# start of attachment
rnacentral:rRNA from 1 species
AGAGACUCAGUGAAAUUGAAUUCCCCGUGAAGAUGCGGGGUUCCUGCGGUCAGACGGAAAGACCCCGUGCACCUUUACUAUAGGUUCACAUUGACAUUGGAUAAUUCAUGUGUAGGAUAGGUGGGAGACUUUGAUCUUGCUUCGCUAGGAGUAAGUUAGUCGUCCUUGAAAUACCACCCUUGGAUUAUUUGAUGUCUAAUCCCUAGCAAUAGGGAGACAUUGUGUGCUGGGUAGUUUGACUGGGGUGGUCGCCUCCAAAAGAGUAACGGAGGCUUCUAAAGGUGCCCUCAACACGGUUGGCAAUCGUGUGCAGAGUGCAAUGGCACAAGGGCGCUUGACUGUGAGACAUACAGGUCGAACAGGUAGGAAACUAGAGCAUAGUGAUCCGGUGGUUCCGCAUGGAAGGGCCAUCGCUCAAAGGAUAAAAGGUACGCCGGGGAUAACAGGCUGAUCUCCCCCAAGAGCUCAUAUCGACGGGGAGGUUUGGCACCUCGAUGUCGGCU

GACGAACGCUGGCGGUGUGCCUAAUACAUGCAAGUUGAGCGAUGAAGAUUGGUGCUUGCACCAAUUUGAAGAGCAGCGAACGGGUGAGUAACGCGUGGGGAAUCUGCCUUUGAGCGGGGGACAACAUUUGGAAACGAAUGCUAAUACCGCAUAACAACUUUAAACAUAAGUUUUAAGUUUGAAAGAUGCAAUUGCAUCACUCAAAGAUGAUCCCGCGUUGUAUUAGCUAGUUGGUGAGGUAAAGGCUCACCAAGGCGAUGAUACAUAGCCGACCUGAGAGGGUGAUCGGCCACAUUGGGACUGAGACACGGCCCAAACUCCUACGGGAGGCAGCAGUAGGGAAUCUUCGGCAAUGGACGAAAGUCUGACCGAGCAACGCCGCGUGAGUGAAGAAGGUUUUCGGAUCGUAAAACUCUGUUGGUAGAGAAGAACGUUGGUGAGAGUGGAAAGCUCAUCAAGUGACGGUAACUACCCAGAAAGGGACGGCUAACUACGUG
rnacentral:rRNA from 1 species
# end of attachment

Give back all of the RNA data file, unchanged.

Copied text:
rnacentral:rRNA from 1 species
AGAGACUCAGUGAAAUUGAAUUCCCCGUGAAGAUGCGGGGUUCCUGCGGUCAGACGGAAAGACCCCGUGCACCUUUACUAUAGGUUCACAUUGACAUUGGAUAAUUCAUGUGUAGGAUAGGUGGGAGACUUUGAUCUUGCUUCGCUAGGAGUAAGUUAGUCGUCCUUGAAAUACCACCCUUGGAUUAUUUGAUGUCUAAUCCCUAGCAAUAGGGAGACAUUGUGUGCUGGGUAGUUUGACUGGGGUGGUCGCCUCCAAAAGAGUAACGGAGGCUUCUAAAGGUGCCCUCAACACGGUUGGCAAUCGUGUGCAGAGUGCAAUGGCACAAGGGCGCUUGACUGUGAGACAUACAGGUCGAACAGGUAGGAAACUAGAGCAUAGUGAUCCGGUGGUUCCGCAUGGAAGGGCCAUCGCUCAAAGGAUAAAAGGUACGCCGGGGAUAACAGGCUGAUCUCCCCCAAGAGCUCAUAUCGACGGGGAGGUUUGGCACCUCGAUGUCGGCU

GACGAACGCUGGCGGUGUGCCUAAUACAUGCAAGUUGAGCGAUGAAGAUUGGUGCUUGCACCAAUUUGAAGAGCAGCGAACGGGUGAGUAACGCGUGGGGAAUCUGCCUUUGAGCGGGGGACAACAUUUGGAAACGAAUGCUAAUACCGCAUAACAACUUUAAACAUAAGUUUUAAGUUUGAAAGAUGCAAUUGCAUCACUCAAAGAUGAUCCCGCGUUGUAUUAGCUAGUUGGUGAGGUAAAGGCUCACCAAGGCGAUGAUACAUAGCCGACCUGAGAGGGUGAUCGGCCACAUUGGGACUGAGACACGGCCCAAACUCCUACGGGAGGCAGCAGUAGGGAAUCUUCGGCAAUGGACGAAAGUCUGACCGAGCAACGCCGCGUGAGUGAAGAAGGUUUUCGGAUCGUAAAACUCUGUUGGUAGAGAAGAACGUUGGUGAGAGUGGAAAGCUCAUCAAGUGACGGUAACUACCCAGAAAGGGACGGCUAACUACGUG
rnacentral:rRNA from 1 species